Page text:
UKERC undertook a thoroughgoing review of the evidence base available in 2006 on the costs and impacts of intermittency, and is in the process of compiling a new review of the relative costs of different generation options, for publication later this year. Electrical engineering based modelling and simulation, and increasingly empirical data from countries where the penetration of wind farms has reached a significant level (such as Ireland, Denmark, Spain, Germany and some US states), demonstrates conclusively that wind does reduce emissions. Economic studies also indicate that the costs of intermittency, though potentially significant (particularly when wind reaches very large penetrations), are currently very small in the UK context. UKERC's assessment concludes that intermittency typically represents less than 10% of the costs of power generation when wind is below 20% of electricity - less than £9/MWh rather than the £60/MWh cited by Civitas. The potential efficiency losses that result from increased 'cycling' of fossil fuel stations responding to wind intermittency are real, but represent a very small fraction of the savings in emissions and fuel that results from the electrical output of wind. UKERC's review indicates that losses typically amount to just 1% of the percentage savings. The options for dealing with intermittency are also diverse; including increasing interconnection, demand side response, and storage, as well as fossil fuel back up.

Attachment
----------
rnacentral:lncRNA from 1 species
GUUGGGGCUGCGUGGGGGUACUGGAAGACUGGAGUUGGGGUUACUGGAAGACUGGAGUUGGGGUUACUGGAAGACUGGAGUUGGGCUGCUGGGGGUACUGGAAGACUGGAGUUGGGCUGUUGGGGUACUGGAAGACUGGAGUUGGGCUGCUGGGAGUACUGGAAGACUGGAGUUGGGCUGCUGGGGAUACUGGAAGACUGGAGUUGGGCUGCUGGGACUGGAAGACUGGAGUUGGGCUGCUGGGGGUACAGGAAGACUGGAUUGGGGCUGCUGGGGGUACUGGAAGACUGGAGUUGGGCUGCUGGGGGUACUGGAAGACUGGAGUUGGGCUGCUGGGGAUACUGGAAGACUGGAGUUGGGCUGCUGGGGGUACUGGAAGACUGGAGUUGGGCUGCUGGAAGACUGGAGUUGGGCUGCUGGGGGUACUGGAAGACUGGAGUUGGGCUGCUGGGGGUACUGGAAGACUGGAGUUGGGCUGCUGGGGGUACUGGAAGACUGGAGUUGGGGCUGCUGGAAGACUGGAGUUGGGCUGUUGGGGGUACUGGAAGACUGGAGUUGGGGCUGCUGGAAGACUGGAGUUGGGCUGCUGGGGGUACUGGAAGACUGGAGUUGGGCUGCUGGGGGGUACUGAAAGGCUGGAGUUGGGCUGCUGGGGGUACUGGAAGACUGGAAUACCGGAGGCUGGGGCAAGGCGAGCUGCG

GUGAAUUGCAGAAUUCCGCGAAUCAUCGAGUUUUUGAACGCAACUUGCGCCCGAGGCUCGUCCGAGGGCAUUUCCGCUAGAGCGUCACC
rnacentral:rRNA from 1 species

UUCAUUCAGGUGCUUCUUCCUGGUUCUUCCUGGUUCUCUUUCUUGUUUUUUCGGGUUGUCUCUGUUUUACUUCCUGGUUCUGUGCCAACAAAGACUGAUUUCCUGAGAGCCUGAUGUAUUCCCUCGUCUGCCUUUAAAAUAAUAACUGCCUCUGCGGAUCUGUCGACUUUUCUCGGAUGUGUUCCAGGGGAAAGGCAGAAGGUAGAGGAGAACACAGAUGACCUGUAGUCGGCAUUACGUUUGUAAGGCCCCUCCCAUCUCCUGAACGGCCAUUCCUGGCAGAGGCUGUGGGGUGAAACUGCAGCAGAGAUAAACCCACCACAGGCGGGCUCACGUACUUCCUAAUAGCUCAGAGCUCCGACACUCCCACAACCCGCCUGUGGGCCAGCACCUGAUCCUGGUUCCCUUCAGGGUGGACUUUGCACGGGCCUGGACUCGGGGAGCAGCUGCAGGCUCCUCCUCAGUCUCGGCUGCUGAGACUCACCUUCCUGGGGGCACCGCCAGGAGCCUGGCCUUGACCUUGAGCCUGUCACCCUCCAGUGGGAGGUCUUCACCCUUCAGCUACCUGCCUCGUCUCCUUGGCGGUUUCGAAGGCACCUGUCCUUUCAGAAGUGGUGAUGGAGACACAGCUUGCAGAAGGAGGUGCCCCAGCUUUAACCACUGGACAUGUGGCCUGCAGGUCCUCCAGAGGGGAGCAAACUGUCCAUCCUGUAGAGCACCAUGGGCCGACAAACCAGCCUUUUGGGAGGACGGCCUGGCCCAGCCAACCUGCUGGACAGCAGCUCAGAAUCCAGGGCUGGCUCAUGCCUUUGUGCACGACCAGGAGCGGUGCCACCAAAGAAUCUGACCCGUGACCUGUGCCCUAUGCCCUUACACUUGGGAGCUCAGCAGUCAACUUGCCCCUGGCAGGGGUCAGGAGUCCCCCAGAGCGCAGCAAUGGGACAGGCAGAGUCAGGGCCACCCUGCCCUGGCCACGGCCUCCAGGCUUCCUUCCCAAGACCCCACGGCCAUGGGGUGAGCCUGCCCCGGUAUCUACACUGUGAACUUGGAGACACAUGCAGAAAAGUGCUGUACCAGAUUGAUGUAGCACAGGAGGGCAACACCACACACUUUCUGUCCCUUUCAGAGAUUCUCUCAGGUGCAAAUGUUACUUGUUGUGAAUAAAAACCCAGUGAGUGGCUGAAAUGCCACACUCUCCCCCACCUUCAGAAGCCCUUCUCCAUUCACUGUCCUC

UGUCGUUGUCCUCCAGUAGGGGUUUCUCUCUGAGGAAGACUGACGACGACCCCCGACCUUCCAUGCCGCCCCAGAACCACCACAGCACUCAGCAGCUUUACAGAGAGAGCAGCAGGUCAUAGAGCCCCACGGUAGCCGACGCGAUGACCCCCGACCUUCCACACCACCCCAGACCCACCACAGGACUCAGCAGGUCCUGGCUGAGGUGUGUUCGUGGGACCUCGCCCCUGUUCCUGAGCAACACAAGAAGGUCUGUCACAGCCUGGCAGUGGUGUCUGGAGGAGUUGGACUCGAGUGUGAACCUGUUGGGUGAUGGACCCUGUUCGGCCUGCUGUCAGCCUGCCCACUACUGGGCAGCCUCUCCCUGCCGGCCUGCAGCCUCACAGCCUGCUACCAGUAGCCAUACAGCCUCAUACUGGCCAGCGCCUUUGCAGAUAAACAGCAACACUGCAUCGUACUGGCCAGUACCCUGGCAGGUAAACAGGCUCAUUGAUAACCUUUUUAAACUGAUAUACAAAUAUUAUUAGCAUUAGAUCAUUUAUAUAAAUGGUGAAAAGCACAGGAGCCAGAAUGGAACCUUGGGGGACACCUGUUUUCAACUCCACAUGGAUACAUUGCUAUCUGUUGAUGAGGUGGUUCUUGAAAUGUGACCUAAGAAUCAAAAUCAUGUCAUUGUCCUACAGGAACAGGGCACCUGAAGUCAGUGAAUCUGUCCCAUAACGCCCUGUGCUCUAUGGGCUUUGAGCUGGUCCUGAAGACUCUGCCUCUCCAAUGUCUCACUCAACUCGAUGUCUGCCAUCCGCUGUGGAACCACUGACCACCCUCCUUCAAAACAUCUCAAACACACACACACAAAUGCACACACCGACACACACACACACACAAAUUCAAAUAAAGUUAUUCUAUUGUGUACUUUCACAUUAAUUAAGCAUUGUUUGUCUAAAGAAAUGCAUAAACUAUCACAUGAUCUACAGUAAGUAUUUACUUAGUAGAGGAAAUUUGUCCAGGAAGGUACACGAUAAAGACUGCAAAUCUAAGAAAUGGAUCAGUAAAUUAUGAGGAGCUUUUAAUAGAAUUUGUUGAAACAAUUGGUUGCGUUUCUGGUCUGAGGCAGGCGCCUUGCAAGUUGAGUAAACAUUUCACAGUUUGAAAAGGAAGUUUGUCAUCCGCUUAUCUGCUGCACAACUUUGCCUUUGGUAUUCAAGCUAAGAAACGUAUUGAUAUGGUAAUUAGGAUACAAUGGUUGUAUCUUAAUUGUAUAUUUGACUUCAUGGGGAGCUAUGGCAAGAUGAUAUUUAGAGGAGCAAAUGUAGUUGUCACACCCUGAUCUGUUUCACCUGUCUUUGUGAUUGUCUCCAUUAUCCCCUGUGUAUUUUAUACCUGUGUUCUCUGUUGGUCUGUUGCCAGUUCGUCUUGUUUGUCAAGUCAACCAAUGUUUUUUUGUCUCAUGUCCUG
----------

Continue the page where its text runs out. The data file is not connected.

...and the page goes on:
There is also a substantial consensus that the lifecycle carbon emissions associated with the construction and maintaining of wind power are very small compared to those of fossil fuel sources.

I find it disappointing that Civitas has chosen to disregard the large body of analysis that indicates that the costs and impacts of intermittency are modest and that wind is an effective fuel saver. There is of course a legitimate debate about the cost and feasibility of the 2020 target for renewables, about which renewables deserve how much support, how best to deliver such support and the role of nuclear, carbon capture and other supply options. This debate is not well served by reporting which ignores the findings of a large body of credible, peer reviewed and professional analyses and selects extreme estimates which have not been peer reviewed, do not emerge from credible engineering/economic simulations or models and are widely out of step with the scientific consensus.